10. All That Heaven Allows (1955)Douglas Sirk's brilliant attack on American morals. Not a huge Jane Wyman fan, but Rock Hudson and Technicolor make up for it.
9. Rio Bravo (1959)I came to this movie late, seeing it for the first time only a couple of years ago, but since then I've seen it twice more. Dean Martin and Ricky Nelson singing My Rifle, My Pony, and Me could be my favorite movie moment from the 1950s.
8. Strangers on a Train (1951)Hard to go wrong considering the source material by Patricia Highsmith. Hitchcock delivers a beautifully structured masterpiece.
7. Dial M for Murder (1954)I like this more than most while admitting that it feels stagy and verbose. I could watch Ray Milland ooze false sentiment all day.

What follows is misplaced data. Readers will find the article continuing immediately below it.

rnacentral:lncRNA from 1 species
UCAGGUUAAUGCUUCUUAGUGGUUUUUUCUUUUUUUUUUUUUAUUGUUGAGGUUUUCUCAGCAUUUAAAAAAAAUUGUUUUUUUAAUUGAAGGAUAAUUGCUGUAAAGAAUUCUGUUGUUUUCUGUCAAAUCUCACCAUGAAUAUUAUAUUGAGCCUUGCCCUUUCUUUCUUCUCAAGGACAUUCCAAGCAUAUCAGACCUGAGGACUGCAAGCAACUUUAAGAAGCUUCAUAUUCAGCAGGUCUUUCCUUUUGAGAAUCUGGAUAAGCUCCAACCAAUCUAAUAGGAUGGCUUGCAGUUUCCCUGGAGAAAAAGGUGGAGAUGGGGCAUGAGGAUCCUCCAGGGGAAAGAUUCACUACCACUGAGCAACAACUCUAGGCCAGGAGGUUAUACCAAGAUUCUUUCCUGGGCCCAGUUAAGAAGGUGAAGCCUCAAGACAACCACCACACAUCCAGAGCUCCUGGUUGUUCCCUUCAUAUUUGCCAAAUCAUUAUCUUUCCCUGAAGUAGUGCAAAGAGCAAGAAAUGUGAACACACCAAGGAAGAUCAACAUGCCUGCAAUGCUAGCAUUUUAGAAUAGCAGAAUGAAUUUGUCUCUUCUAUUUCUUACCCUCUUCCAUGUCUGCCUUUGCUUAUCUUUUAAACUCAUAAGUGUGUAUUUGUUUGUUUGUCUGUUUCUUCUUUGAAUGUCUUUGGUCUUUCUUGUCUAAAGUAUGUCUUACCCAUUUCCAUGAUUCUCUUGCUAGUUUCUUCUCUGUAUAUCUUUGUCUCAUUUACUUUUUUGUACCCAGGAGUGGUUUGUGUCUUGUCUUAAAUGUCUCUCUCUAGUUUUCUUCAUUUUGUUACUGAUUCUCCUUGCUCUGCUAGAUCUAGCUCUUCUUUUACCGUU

6. Sunset Boulevard (1950)The opening shot, the chimp, the cigarette holder, the bridge party. Then, of course, the great final shot.
5. North by Northwest (1959)If you throw away the wit, the thrills, the clothes, the set pieces, then you'd still have the greatest film about American mid-century design and architecture.
4. Seven Samurai (1954)As great as all the smart people say it is. Thrilling and sad, without a wasted shot.
3. Singin' in the Rain (1952)If you don't enjoy this movie then I wonder if you can enjoy any musical (really, any movie) at all.
2. Some Like It Hot (1959)Billy Wilder had a good decade. Probably my favorite all-out comedy. I catch something new every time I see it.
1. Rear Window (1954)I think this movie has more subtext than Vertigo and it's a lot more fun. A perfect genre film that includes a critique of the very nature of watching. It's probably more relevant now than it was then.
runners up: All About Eve, Brigadoon, Sabrina, Vertigo